Each year I make ten predictions about the coming year for PRSD, a local news blog. You can read my predictions from last year here. So, here's my predictions for the coming year:
2015: A year of change
Cost of living crisis continues to bite. Despite assurances from the Tory millionaires in the Cabinet that the economy is recovering the cost of living crisis will continue for everyone else. People in Plymouth will continue to struggle with rising prices and low wage growth. And to our great shame as a city and as a society food bank usage will continue to rise.
2015 will be a good year for Argyle and about time too. As an optimist and an Argyle supporter I believe we’ll be playing League One football next season. Whilst the club may be going up I’m not predicting the new stadium will get off the ground in its current form. 2015 will be the year of a rethink at Home Park about the new stand and all the assorted other schemes James Brent wanted to cram into the Higher Home Park site. New plans have got to involve the fans more to propose a realistic and deliverable solution not pie in the sky proposals.
Interest rates rise. As inflation falls and unemployment falls (although we know the headline figure is only part of the picture) the Bank of England will put up interest rates. Whilst those with savings might receive a higher return this also means higher housing costs. People will cut their spending to afford larger mortgage repayments. Rents in the private rental sector will go up as landlord’s buy to let mortgages get more costly. After years of low interest rates it might be time to plan your household budget assuming an interest rate rise.
A very public divorce. As the General Election approaches the Coalition will continue to separate and try to disown policies they know that their voters won’t like. It will be like a very awkward choreographed ballet. The public know that most of the coalition spats are pre-planned and they’ll grow tired of Ministers positioning themselves for future leadership contests (Tory Theresa May and Lib Dem Tim Farron especially) at the expense of doing their job today.
Big changes come to Plymouth City Centre. The Civic Centre tower-block will get a new use and a new owner, Plymouth will get a new coach station and Bretonside Bus Station will get the go ahead to be turned into a new entertainment quarter with an IMAX cinema, restaurants and cafes. The area around the Market in Plymouth will also get a bit of long overdue attention with new plans but they’ve got to include local people and traders. All of this will be part of a city beginning to punch its weight.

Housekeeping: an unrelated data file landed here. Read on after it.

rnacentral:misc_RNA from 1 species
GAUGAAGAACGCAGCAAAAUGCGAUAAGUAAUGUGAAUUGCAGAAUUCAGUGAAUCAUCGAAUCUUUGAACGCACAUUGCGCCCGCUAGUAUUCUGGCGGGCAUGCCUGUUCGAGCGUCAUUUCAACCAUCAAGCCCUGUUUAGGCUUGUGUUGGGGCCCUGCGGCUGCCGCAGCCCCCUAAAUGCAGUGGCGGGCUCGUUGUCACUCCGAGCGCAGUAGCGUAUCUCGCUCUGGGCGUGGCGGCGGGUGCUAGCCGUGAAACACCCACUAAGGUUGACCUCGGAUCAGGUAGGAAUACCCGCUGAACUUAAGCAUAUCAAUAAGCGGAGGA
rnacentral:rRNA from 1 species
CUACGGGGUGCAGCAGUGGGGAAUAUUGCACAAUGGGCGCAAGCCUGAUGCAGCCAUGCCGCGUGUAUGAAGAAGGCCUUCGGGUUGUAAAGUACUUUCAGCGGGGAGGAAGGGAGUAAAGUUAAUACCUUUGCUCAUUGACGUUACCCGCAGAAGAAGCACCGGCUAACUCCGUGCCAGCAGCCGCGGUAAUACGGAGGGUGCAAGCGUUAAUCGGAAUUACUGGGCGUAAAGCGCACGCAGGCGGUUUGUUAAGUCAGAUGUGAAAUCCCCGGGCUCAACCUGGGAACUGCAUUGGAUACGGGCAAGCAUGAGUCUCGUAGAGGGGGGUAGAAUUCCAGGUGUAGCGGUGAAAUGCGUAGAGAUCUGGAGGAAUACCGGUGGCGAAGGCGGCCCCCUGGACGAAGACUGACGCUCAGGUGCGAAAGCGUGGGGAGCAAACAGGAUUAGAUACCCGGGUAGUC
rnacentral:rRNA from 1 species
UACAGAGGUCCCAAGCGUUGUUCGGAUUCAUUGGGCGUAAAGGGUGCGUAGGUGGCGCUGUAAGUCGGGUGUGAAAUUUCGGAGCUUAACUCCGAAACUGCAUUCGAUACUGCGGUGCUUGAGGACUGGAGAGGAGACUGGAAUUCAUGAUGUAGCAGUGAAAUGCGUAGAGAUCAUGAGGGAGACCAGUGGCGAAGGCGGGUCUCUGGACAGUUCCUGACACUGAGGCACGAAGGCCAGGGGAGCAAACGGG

Pressure mounts on Government over Plymouth’s rail connection. After the Great Rail Snub in the Autumn Statement pressure will continue to mount on the Government for a fast and resilient train line for Plymouth and the south west. Re-opening the Okehampton line won’t cut it. Further bad weather will highlight what a shockingly awful decision Ministers have made and why the south west desperately needs proper rail investment now. The Tories can spin away to their heart’s content once we have plans in place but until then the focus should be on changing the minds of Ministers who, to date, remain stubbornly opposed to addressing the south west’s rail needs.
Devonport gets a major boost. 2015 will see major changes in Devonport. The City Deal for South Yard will get off the ground with new jobs being created in marine industries and construction right in the heart of our city. The continuing regeneration of Devonport will also show Devonport has a lot to offer already - you can start by visiting the amazing Devonport Guildhall, walk to the Scott Memorial or alongside the Mount Wise pools. Have a cup of tea in Devonport Park, visit the Devonport Naval Heritage Centre, climb Devonport Column and rediscover Devonport. It’s about time too Devonport got more attention - let’s start with a proper ‘Welcome to Devonport’ sign to celebrate our heritage and history.
No place to hide. After years of refusing public debates there won’t be anywhere for Oliver Colvile, the Tory MP I’m running against, to hide. I’m looking forward to the public debates and being able to ask him why he supports the cruel Bedroom Tax, why he thought the Pasty Tax was a good idea, why voting for millionaires to have a tax cut helps Plymouth and why the Tories broke their election promises on the NHS. I have asked Mr Colvile on over a dozen occasions to debate these issues publicly and each and every time he has refused. The General Election year means he cannot hide anymore. Bring it on.
Students fight back. After the betrayal of the Lib Dems in 2010 students will take revenge at the ballot box in May. Lib Dem and Tory MPs who voted for £9,000 fees will be punished by young people who have also seen their EMA scrapped, housing benefit changes exclude them from help, youth services cut and their voices ignored by the Coalition. Labour will do well in student areas. Could Nick Clegg also lose his seat - unlikely but possible!
The nation decides. You’d expect me to predict a Labour gain in Plymouth Sutton and Devonport but I genuinely think this will be a election of twists and turns where anything can happen. There’ll be a lot at stake at the election and with a rising anti-politics sentiment candidates for all political parties will have to work even harder and knock on more and more doors and listen to the electorate (which is a good thing). 2015 is time for a better type of politics than we have now: more open, more responsive, less skewed towards the super-rich at the expense of everyone else, more co-operative and grounded in our communities not in Westminster. Whoever you support, please use your vote in May.
Content is cross-posted from PRSD. To view the original blog post click here.